Some local issues cut into the popularity of the BJP in Jharkhand and unfortunately, the state leadership failed to gauge the intensity of that undercurrent and take corrective measures well in time. Rising unemployment, law and order situation, lynching cases and absence of strict action to curb them, and controversy surrounding the land tenancy act in the tribal dominant regions are some of the factors that caused the Das Government most dearly in this elections.
In all these elections, the state BJP had confidence that the popularity of Prime Minister Narendra Modi will safely sail their government through these turbulences of unrest and personality likes and dislikes. The national leadership too was basking in the glory of their achievements in respect of abrogation of Article 370 and 35A, abolishing instant triple talaq, resolving Ayodhya issue and the passage of the Citizenship Amendment Act in the parliament.
No doubt, these are the most vital and long-pending issues that required special attention and remedy. But these national issues have a very little or negligible effect in the elections of the state assembly like that of Jharkhand. Here the local issues dominate the most and it appears that the party leadership has either miserably failed to address those or even if they did they lacked the expertise in widely publicizing them.
Jharkhand has a sizeable Muslim and Christian population too. The controversial NRC and CAA have also played their role in delineating a sizeable section of the voters from the BJP. The intention of CAA is good but it is projected most adversely by the non-BJP opposition and its media partners completely topsyturvy its intention and instilling a sort of fear amongst the members of these minority communities. This might have further distanced the voters from the party.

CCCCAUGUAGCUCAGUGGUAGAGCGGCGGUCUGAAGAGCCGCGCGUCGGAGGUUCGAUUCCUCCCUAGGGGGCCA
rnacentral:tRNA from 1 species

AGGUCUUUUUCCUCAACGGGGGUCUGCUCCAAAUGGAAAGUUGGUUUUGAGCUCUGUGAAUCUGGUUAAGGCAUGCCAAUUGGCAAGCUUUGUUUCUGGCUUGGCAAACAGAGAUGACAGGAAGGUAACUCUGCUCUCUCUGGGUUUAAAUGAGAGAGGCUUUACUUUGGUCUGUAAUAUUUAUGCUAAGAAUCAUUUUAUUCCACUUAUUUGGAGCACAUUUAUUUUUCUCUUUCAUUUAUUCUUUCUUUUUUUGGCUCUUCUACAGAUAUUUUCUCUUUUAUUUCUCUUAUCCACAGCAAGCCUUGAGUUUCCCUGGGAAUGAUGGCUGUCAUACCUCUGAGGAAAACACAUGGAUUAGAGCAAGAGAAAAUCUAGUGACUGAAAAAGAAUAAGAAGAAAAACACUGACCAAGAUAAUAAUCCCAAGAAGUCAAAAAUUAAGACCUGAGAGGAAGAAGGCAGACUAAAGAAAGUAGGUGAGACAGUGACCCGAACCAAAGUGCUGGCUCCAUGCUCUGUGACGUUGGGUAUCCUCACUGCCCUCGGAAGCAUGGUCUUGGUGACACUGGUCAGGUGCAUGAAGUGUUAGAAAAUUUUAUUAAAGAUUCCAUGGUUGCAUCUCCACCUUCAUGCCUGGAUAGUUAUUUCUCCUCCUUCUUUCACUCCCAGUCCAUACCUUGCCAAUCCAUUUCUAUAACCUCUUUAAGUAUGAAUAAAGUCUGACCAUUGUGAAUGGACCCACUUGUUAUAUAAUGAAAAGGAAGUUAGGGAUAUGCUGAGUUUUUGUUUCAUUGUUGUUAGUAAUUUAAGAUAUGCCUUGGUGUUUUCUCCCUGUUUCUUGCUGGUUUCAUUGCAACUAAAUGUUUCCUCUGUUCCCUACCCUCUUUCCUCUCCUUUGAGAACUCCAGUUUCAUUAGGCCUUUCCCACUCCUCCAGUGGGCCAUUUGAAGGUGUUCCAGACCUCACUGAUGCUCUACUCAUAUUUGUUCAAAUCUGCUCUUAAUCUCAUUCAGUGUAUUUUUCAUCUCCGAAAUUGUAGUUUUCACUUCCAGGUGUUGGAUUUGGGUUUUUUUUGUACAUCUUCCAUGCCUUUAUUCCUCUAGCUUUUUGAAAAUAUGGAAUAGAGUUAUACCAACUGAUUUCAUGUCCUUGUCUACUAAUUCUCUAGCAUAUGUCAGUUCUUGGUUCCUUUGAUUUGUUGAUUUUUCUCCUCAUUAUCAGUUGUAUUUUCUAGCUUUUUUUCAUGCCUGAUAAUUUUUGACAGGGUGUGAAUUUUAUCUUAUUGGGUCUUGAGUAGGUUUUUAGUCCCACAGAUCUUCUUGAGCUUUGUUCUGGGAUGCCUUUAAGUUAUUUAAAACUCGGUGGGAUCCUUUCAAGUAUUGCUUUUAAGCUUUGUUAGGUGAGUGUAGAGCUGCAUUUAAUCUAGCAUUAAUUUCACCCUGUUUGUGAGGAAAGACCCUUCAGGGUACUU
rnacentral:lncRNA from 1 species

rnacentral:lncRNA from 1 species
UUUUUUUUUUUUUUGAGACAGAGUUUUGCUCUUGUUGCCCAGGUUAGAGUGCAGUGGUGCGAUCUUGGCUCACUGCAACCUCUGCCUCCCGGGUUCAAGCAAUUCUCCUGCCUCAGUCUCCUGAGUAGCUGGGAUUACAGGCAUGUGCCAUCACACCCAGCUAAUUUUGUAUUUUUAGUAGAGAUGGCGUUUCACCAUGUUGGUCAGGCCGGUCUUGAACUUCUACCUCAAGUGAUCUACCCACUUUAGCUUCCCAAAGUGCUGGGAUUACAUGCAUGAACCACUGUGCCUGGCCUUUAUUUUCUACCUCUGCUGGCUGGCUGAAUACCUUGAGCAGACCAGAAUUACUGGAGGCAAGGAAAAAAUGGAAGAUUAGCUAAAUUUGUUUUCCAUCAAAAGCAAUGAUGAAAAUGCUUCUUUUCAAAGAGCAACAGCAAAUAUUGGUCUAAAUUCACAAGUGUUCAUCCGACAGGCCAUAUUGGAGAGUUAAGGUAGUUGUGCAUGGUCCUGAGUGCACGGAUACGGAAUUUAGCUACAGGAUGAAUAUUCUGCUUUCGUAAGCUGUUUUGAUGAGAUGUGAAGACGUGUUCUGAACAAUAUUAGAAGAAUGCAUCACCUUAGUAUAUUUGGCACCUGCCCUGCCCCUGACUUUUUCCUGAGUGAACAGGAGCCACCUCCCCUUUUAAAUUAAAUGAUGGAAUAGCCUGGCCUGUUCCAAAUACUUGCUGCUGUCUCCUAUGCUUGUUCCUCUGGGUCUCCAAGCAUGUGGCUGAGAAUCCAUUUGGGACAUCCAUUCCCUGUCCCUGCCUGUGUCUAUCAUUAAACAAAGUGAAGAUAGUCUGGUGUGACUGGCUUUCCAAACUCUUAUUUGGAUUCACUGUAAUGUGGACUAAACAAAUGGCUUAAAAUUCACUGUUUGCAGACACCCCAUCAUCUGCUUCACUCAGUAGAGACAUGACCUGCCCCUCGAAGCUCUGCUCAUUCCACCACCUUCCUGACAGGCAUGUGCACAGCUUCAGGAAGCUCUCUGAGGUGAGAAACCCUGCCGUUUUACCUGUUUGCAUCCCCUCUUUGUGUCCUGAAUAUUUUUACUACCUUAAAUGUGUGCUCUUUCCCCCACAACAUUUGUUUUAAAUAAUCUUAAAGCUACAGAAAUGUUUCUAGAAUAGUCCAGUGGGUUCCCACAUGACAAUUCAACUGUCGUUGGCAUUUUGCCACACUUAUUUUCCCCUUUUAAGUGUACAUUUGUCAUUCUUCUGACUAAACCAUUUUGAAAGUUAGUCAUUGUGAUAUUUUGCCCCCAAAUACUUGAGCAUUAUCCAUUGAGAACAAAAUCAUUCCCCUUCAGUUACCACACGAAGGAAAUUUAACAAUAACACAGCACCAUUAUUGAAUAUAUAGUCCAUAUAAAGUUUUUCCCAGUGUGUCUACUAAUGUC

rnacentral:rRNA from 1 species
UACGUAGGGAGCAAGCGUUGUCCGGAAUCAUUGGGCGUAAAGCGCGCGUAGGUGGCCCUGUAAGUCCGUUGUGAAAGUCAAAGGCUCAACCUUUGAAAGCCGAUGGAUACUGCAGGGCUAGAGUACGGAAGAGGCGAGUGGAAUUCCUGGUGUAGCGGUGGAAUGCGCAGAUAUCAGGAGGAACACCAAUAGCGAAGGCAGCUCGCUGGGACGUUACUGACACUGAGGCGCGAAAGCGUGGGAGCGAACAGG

Given the post-poll scenarios in all these northern states and western state of Rajasthan where the BJP faired not so badly but failed to consolidate its grip on the state apparatus, the party must ponder over the reasons, identify its lacuna, weaknesses and take corrective measures. The coming year will put the BJP to still more trying tests in Bengal and Delhi NCR. Though the party has its popularity graph rising upward in Bengal due to apparent communal polarisation, in Delhi the situation is still favoring the AAP and incumbent chief minister Arvind Kejriwal.
The opposition is buoyed with their strategy of isolating the BJP by aligning with regional parties, even at the cost of losing their national character. The Congress did in Maharashtra and trying its luck in the state of Jharkhand. Therefore, the party must take these results very seriously and plan its strategy accordingly. Victory in Bengal and Delhi is a must to bolster the sagging morale of the party activists. The BJP is the largest party with over 13 crore membership but that should not remain a mere record created by missed call registration.